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Protein crystallography in practice MCB 15 Dec 2016 Daved H. Fremont fremont@pathology.wustl PowerPoint Presentation
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Protein crystallography in practice MCB 15 Dec 2016 Daved H. Fremont fremont@pathology.wustl

Protein crystallography in practice MCB 15 Dec 2016 Daved H. Fremont fremont@pathology.wustl

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Protein crystallography in practice MCB 15 Dec 2016 Daved H. Fremont fremont@pathology.wustl

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  1. Protein crystallography in practice MCB 15 Dec 2016 Daved H. Fremont fremont@pathology.wustl.edu Department of Pathology and Immunology Washington University School of Medicine

  2. An 7-step program for protein structure determination by x-ray crystallography 1. Produce monodisperse protein either alone or as relevant complexes 2. Grow and characterize crystals 3. Collect X-ray diffraction data 4. Solve the phase problem either experimentally or computationally 5. Build and refine an atomic model using the electron density map 6. Validation: How do you know if a crystal structure is right? 7. Develop structure-based hypothesis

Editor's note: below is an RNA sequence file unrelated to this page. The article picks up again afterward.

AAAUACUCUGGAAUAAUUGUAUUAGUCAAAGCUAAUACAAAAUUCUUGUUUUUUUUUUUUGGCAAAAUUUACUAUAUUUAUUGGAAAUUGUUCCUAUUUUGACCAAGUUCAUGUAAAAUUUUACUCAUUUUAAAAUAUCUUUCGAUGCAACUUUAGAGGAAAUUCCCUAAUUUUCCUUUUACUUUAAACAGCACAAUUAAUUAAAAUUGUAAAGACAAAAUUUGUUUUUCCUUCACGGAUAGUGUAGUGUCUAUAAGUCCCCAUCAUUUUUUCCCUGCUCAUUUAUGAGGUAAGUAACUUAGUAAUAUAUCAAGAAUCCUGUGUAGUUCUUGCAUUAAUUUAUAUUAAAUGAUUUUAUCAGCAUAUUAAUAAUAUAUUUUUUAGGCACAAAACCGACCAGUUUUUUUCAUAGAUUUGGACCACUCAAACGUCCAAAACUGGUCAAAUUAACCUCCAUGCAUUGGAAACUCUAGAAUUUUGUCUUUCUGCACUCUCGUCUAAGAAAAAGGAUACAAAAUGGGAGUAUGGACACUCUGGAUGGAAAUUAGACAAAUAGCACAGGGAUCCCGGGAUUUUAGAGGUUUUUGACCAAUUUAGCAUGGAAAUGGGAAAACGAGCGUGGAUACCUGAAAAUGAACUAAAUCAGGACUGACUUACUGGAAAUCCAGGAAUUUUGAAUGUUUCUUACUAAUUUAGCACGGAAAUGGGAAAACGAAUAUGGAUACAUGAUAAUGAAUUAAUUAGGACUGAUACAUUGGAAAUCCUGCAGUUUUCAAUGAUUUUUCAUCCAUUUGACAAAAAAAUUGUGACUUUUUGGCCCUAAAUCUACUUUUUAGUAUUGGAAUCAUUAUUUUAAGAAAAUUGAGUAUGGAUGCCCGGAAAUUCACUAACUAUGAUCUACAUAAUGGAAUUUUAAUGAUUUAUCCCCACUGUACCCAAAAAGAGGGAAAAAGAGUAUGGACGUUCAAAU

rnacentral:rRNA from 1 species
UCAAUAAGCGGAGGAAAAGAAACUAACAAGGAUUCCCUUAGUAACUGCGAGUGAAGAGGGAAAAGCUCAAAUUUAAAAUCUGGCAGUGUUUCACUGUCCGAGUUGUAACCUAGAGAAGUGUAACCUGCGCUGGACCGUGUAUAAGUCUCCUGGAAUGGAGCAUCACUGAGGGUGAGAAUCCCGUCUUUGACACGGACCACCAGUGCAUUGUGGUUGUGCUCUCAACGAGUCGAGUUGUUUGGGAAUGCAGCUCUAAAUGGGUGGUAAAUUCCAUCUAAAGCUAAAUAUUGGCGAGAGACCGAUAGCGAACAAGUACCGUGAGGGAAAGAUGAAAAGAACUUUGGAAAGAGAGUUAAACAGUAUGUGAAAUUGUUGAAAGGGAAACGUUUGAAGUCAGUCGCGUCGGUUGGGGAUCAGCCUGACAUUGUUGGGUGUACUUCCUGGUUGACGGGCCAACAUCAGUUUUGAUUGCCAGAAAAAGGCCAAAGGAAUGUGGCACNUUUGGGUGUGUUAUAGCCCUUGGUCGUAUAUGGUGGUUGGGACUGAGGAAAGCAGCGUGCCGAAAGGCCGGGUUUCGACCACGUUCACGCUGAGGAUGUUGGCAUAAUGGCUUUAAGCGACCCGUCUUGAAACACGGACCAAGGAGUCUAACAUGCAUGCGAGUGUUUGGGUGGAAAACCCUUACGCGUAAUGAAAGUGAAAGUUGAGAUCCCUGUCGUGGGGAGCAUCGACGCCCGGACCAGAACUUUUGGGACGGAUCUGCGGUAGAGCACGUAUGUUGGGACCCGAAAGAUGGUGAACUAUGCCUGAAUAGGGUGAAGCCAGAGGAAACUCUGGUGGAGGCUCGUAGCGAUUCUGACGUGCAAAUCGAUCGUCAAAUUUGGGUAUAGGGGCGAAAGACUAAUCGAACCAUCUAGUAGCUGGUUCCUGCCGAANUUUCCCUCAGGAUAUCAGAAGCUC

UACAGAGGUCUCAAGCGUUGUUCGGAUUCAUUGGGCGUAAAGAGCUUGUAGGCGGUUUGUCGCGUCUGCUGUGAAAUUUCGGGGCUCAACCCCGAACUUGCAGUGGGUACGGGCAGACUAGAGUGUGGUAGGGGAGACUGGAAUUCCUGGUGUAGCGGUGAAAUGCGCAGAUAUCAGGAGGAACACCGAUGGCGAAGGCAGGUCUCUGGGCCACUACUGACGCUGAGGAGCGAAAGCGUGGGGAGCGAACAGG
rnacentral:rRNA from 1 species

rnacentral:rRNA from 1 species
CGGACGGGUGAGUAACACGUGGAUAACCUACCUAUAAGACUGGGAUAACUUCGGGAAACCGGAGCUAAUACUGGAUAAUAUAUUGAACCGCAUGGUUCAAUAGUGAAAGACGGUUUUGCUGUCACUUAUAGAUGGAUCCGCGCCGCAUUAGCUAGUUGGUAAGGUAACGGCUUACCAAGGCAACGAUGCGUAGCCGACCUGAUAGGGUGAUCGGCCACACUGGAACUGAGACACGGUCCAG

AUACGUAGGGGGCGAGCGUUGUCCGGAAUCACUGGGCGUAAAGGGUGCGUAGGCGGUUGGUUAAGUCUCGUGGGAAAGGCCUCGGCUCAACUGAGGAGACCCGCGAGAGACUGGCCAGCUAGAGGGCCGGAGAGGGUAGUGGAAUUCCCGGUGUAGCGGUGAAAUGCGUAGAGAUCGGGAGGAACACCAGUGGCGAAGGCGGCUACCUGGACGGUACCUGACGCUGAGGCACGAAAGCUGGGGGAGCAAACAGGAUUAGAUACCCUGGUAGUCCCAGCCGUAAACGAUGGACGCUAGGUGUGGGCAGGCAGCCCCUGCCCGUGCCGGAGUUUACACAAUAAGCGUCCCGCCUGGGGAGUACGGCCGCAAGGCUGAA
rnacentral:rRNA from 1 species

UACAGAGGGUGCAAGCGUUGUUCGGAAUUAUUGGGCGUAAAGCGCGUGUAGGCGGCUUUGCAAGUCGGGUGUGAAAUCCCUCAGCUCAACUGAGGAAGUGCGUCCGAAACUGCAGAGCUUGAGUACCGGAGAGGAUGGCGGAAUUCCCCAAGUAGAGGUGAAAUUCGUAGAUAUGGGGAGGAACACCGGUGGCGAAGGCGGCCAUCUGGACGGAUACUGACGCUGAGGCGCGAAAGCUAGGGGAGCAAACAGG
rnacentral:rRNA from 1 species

3. Produce monodisperse protein either alone or as relevant complexes Methods to determine protein purity, heterogeneity, and monodispersity • Gel electrophoresis (native, isoelectric focusing, and SDS-PAGE) • Size exclusion chromatography • Dynamic light scattering http://www.protein-solutions.com/ • Circular Dichroism Spectroscopy http://www-structure.llnl.gov/cd/cdtutorial.htm Characterize your protein using a number of biophysical methods Establish the binding stoichiometry of interacting partners